Smart phones offer both opportunities and challenges. The ability to connect instantaneously and live with use of images and videos, exchange text and chat messages, internet capabilities that allow us to stay informed of happenings throughout the world is a technological marvel. Bertschek & Niebel [13] found in their analysis that mobile internet use does cause higher labor productivity. But, this hyper-connected world entails constant bombardment of mental stimuli that one must keep pace with. In a study that employed biometrics and embedded cameras during non-working time, Marci [14] found that task switching occurred 27 times per hour among digital natives and 17 times per hour among those who grew up with older technologies. Lee [3] found that information overload increased negative emotions, and that the perceived usefulness of cell devices mitigated this effect. Such information overload, both work-related and personal, can take place on many and changing platforms all at once. There are clearly issues that surface regarding etiquette, addictive mobile phone use, social annoyance, awareness of one’s surroundings, and how this may impact one’s output. Cell phone technology is increasingly blurring the distinction between work and nonwork domains [15]. It is not surprising then that in the workplace, organizations can allow this to become an “attractive nuisance” [16].

Multitasking involves some loss of quality or time. We are diverting our attention from one task to another or medium to another that can detract from either accuracy or speed [17]. Research suggests that smart phones are detrimental to cognitive performance. According to Gill & Kamath [18], their use increases reaction time, reduces focus, and lowers performance of tasks that entail concentration and decision-making. It has been suggested that blocking off a certain time of the day to look at emails, review text messages may be the best way of focusing attention [16]. Otherwise, poor decision making outcomes may become a reality [19]. However, workplace demands may not necessarily facilitate this. Plus, there is the added distraction of social media for personal use in the workplace.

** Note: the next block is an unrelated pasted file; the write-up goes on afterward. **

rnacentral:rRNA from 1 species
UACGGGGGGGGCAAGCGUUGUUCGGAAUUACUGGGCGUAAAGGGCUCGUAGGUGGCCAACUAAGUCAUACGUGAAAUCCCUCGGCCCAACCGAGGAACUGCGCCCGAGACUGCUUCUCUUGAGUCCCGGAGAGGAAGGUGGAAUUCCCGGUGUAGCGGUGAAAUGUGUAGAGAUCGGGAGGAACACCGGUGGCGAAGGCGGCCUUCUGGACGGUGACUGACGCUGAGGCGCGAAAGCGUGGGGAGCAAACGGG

Social media websites are a large part of today’s society as people post and tweet constantly about their life, use it as a forum to vent their concerns, and to connect with others in distant locations. Social media is now an integrated part of our lives as we see it on the smart phone, tablet, laptop, and even on television. Does social media influence our professional activities? There is a growing consensus that organizations must have distinct and specific social media policies to optimize workplace productivity during working hours. Organizational concerns regarding time and attention that employees expended on social media while on the job were reported by Cain [20]. This was particularly emphasized in the context of social media use via smartphone than via a computer as the smartphone provided portability levels that were constantly distracting. Research by Smith & Darling [21] indicated that 55.6% of 439 perfusionists admitted to using a cell phone, and nearly half (49.2%) admitted they sent text messages while performing a cardiopulmonary bypass. About 7.3% of the perfusionists admitted that their cell phone had a negative impact on their work performance; there were also admissions of accessing email, surfing the Internet, and using social networking sites.

Most of the research literature on mobile phone use has focused exclusively on young adults, primarily in university settings [22]. That is not surprising since this group represents the first generation to have grown up with mobile phones. Their comfort level with mobile phone usage, preference for cell phone use over a landline phone, and expectancy of constant contact within their social network are somewhat unique to this group. According to Duggan & Rainie [23], the percent of mobile phone ownership is said to be 94% among 18-29 year olds and 90% for the age group 30-49 years old. Not only do mobile phone ownership rates vary among different age groups, but there are reportedly differences in text message and call minute usage between adults of varying ages. As reported by Becton & Walker [24], organizations are being urged to recruit, reward, and manage their employees differently based on generational differences in attitudes, values, and desires. According to them, some have suggested that failure to identify these differences may lead to unsatisfactory organizational outcomes such as conflict, poor working relationships, and fewer organizational citizenship behaviours.